Professor of History at St Anthony’s College at Oxford University, Dr Faisal Devji’s fields of interest include Indian political thought, modern Islam and ethics and violence in a globalised world. He is the author of four books, including Muslim Zion: Pakistan as a Political Idea (2013) and The Impossible Indian: Gandhi and the Temptation of Violence (Harvard, 2012). Devji, 55, was in Delhi recently.
Excerpts from an interview:
What do you make of contemporary history writing?
As Gandhi realised more than a century ago, history, or rather historical consciousness, had not only come to define the self-proclaimed superiority of western civilisation in the 19th century, but was also used to line up the world’s peoples in a civilisational hierarchy. He thought that modern forms of identity and, indeed, hatred, whether racial, national or communal, were tied up with the historical consciousness of pride, humiliation and vengeance. Gandhi was, perhaps, the only 20th century figure who refused to think historically, attending instead to myth and epic in a properly philosophical way.
Yet, what troubles me about contemporary history writing is not the now marginal topic of civilisational hierarchy, though it has made a comeback in popular and political discourse. Instead, I find objectionable its fixation on the trope of archival discovery, as well as the obsession with evidence deployed so as to make groups or individuals responsible for some situation or event. This is an old-fashioned approach to the past, in which historians mimic detectives, lawyers and judges as if they were instruments of the state.
It has been said that whatever you can rightly say about India, the opposite is also true. Is that the case today, too?
It’s a cliché that recognises both the immense diversity of India, but also its many real and potential contradictions. While liberals tend to focus on the country’s diversities, those on the left as well as the right, look at its contradictions, and so are the more serious political thinkers. Only by recognising the various antagonisms that striate Indian society, can they be managed and even made politically productive. And, here, the liberal focus on pluralism is more credible than either leftist or rightist efforts to suppress or resolve such contradictions, since it has the potential to address their antagonism by institutionalising rather than dissolving them in democratic politics.
Talking of India in the last three decades, economist Amartya Sen has said that never before have such a large number of people experienced such rapid economic growth over such a short period of time, with such little improvement in social indicators. What is your observation?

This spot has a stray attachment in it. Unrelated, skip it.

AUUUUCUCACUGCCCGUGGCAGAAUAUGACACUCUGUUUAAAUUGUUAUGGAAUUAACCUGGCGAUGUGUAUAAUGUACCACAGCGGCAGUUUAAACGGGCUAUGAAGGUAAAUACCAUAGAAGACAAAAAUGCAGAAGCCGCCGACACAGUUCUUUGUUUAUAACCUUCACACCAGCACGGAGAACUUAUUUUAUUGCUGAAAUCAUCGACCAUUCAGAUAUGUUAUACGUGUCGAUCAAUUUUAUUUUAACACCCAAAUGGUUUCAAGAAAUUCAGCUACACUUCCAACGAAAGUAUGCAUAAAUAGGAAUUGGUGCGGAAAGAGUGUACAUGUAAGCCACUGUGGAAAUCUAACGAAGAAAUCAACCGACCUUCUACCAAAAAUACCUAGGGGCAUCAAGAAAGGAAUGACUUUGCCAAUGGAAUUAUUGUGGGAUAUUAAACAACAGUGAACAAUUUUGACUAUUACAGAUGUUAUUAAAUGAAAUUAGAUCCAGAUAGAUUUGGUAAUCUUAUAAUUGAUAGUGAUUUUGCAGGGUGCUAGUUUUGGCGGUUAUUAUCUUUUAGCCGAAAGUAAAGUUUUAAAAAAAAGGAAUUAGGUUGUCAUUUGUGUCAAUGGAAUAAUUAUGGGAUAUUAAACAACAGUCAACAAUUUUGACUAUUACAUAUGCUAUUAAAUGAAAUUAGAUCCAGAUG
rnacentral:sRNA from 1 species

India’s economic liberalisation in the 1990s created a new private as well as informal sector that made possible the shift of upper castes outside public institutions and even government. They could now influence the state from a reinforced, if not quite autonomous, marketplace. Meanwhile, and partly as a result of the Mandal Commission, groups like the OBCs, entered politics and government in large numbers, creating a new set of relationships between these units of Indian society. Adivasis and Muslims, and, to some degree Dalits, however, remain largely confined to the informal sector, and, so, outside this new caste contract between public and private sectors.
It is, perhaps, because liberalisation has been so uneven and socially fragmented that economic growth and social indicators have remained so far apart. On the one hand, we have the new but often still violent political contract between upper castes and OBCs, with Dalits getting an occasional look-in. And, on the other, we have an increasingly depoliticised population of Muslims, and, to a lesser extent, Adivasis, who can, at least theoretically, be included within the national majority. Yet, it is Muslim depoliticisation that results in their occasional victimisation in lynching and discrimination of other kinds, since it is the slow rise of Muslim wealth and autonomy in the informal sector that is seen as posing a threat to their rivals.
In India, do you see a flattening of all identities other than religion?
If Hindutva achieved its greatest success after India’s liberalisation, this was because it was required to build a new kind of national majority with the disintegration of the hierarchical kind purveyed by the Congress. With the rise to political importance of the OBCs and the shift of upper castes to the private sector, a state-defined majority made up of some merely arithmetical alliance of caste, class and communal groups became unworkable. A strongly cultural majority had to take its place in the new situation.